Predictors and Consequences of Loss to Follow-up after Vascular Surgery

Linh Ngo Khanh, Irene Helenowski, Kimberly Zamor, Morgan Scott, Andrew W. Hoel, Karen J. Ho*

*Corresponding author for this work

Research output: Contribution to journalArticlepeer-review

Abstract

Background: Loss to follow-up (LTF) after surgery impacts quality of care and can adversely affect short- and long-term clinical outcomes. This study identifies modifiable factors contributing to LTF after vascular surgery and the factors’ effect on short- and long-term clinical outcomes. Methods: This is a retrospective single-center cohort study of 440 consecutive adult patients who underwent carotid endarterectomy, infrainguinal bypass, percutaneous lower extremity revascularization, or endovascular aortic aneurysm repair at Northwestern Memorial Hospital between November 2011 and November 2013. Twenty-six patients who died within 9 months after surgery were excluded because of competing risks with the study end points. Demographics, medical history and medications, hospitalization and procedure-related factors, and postoperative complications were collected from the medical record. The primary end point was LTF 1 month after surgery (LTF1M), defined as lack of an in-person outpatient visit with a vascular surgeon 1 month after the index procedure. Secondary outcomes were LTF 1 year after surgery (LTF1Y), defined as lack of an in-person outpatient visit with a vascular surgeon between 9 and 22 months after discharge, and overall 5-year survival. Results: Overall LTF1M and LTF1Y rates were 27.3% and 46.8%, respectively. Kaplan-Meier analysis revealed no difference in survival based on the LTF1M status (P = 0.72), but patients who were LTF1Y had significantly worse survival at 5 years (P < 0.001). Seeing a nonvascular surgeon specialist at our institution (odds ratio (OR) 0.58, 95% confidence interval (CI): 0.35–0.94, P = 0.03) and having a reintervention (OR 0.17, 95% CI: 0.08–0.37, P < 0.001) were associated with decreased LTF1Y in a multivariable model. Overall mortality was more likely with LTF1Y (hazard ratio (HR) 3.27, 95% CI: 1.86–5.76, P < 0.001) and less likely with seeing another specialist at our institution (HR 0.38, 95% CI: 0.20–0.75, P = 0.005). Conclusions: LTF rates after vascular surgery are high and associated with poor long-term outcomes. Patients who did not see a nonvascular surgeon specialist at our institution had higher rates of LTF1Y and worse overall mortality, suggesting that improved integration of care can improve LTF and survival.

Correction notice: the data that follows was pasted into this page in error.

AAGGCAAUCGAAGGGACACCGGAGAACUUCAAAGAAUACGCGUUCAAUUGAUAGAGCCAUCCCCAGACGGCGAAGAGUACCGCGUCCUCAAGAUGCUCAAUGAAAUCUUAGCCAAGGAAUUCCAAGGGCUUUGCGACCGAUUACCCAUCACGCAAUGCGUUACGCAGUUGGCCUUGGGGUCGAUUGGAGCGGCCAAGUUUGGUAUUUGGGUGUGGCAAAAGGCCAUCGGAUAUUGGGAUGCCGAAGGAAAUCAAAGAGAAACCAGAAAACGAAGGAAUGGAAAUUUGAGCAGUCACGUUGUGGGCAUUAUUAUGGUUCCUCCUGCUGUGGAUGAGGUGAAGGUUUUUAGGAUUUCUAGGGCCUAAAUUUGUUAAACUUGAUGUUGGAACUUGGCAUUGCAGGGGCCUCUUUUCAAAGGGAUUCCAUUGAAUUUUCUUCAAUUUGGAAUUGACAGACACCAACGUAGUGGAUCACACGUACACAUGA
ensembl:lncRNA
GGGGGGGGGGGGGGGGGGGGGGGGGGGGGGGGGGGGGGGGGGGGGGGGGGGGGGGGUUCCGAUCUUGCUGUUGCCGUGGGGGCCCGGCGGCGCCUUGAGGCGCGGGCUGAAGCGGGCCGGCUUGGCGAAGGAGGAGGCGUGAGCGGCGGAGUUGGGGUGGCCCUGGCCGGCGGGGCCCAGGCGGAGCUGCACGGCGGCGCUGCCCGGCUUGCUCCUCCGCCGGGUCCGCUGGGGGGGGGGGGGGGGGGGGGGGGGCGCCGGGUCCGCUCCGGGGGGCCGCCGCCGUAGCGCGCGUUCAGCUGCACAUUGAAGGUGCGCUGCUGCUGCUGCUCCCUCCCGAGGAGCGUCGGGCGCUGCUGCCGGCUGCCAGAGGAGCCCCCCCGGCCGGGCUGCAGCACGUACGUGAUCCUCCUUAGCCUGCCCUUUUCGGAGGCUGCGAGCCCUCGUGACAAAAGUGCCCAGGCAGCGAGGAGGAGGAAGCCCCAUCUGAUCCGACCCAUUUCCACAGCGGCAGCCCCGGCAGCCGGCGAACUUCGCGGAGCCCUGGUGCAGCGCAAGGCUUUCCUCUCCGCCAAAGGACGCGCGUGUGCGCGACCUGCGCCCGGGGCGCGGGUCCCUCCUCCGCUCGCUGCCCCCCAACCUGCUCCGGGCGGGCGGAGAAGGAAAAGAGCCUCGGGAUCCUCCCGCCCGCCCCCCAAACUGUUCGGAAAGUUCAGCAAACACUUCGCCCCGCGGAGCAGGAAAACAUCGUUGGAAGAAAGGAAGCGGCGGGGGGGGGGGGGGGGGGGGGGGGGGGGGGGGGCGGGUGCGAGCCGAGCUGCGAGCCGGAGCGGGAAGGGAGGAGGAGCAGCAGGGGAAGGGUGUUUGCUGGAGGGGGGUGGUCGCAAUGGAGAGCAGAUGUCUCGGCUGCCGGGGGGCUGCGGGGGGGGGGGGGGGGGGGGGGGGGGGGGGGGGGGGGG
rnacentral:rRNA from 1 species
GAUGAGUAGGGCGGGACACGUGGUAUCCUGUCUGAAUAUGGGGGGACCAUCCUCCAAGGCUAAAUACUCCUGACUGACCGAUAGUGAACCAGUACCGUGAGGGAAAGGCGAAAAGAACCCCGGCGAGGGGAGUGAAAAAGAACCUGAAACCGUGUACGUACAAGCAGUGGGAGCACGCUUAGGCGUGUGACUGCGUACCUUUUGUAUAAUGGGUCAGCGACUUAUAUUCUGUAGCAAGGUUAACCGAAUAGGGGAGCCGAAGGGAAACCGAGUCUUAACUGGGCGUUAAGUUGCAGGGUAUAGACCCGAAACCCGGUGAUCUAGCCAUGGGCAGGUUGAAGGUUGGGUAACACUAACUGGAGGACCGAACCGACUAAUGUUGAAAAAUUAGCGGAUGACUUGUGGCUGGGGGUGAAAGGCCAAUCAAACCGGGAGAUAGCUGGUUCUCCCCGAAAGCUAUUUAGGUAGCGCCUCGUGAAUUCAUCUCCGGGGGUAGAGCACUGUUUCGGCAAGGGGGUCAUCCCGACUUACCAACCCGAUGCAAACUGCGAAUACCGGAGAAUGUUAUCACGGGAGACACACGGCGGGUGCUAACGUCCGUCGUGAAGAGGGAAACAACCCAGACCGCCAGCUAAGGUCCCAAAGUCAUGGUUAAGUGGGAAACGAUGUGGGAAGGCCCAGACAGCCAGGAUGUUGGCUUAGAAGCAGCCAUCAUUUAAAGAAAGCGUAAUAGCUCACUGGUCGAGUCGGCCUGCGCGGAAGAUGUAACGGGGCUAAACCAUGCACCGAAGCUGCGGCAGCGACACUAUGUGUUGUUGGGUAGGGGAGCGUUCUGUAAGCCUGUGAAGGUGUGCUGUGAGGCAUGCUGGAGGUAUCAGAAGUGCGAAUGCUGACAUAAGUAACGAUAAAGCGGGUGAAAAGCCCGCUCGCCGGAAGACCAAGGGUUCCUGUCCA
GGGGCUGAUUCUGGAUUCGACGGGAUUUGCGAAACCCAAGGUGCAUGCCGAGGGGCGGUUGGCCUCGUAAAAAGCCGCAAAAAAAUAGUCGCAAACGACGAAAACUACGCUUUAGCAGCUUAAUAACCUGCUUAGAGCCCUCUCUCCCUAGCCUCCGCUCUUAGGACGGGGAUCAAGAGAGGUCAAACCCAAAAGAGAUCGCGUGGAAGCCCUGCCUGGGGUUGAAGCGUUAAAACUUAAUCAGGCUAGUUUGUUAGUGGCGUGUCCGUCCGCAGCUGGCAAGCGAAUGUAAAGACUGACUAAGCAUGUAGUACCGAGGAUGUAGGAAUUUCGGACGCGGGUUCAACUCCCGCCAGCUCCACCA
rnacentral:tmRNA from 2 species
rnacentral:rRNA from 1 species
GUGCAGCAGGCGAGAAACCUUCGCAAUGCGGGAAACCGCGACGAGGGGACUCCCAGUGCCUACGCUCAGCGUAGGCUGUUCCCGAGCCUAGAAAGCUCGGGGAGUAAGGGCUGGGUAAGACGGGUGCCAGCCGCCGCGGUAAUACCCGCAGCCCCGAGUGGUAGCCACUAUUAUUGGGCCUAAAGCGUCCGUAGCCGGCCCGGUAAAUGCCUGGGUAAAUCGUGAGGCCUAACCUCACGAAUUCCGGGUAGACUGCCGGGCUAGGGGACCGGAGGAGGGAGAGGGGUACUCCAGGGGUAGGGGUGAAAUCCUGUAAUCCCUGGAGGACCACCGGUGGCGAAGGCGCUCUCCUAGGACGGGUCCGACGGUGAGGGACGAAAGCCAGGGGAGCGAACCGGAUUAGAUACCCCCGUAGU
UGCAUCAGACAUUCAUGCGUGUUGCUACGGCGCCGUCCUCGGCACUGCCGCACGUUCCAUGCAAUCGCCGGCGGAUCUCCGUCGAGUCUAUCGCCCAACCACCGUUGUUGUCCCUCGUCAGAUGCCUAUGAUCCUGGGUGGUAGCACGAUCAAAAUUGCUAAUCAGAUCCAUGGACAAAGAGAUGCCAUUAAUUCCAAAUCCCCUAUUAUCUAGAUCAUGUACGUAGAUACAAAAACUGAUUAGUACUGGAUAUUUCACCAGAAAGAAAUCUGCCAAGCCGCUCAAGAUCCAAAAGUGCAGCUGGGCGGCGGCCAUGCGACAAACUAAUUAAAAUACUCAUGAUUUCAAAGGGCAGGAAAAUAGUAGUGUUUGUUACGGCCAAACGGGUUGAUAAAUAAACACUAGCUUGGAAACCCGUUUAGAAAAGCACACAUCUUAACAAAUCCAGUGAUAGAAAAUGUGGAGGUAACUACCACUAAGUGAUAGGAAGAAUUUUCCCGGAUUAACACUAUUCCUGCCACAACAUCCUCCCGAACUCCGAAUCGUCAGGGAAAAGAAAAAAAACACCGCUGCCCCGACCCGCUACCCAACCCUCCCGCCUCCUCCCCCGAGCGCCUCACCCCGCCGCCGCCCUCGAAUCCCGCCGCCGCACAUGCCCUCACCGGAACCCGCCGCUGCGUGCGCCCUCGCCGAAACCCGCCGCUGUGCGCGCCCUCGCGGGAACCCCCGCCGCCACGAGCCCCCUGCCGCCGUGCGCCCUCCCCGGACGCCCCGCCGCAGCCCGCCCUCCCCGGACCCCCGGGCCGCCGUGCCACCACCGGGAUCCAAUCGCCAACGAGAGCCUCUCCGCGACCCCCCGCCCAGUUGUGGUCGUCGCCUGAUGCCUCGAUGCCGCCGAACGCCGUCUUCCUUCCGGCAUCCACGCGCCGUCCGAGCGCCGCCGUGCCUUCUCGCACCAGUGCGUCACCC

Original languageEnglish (US)
Pages (from-to)217-225
Number of pages9
JournalAnnals of vascular surgery
Volume68
DOIs
StatePublished - Oct 2020

ASJC Scopus subject areas

  • Surgery
  • Cardiology and Cardiovascular Medicine

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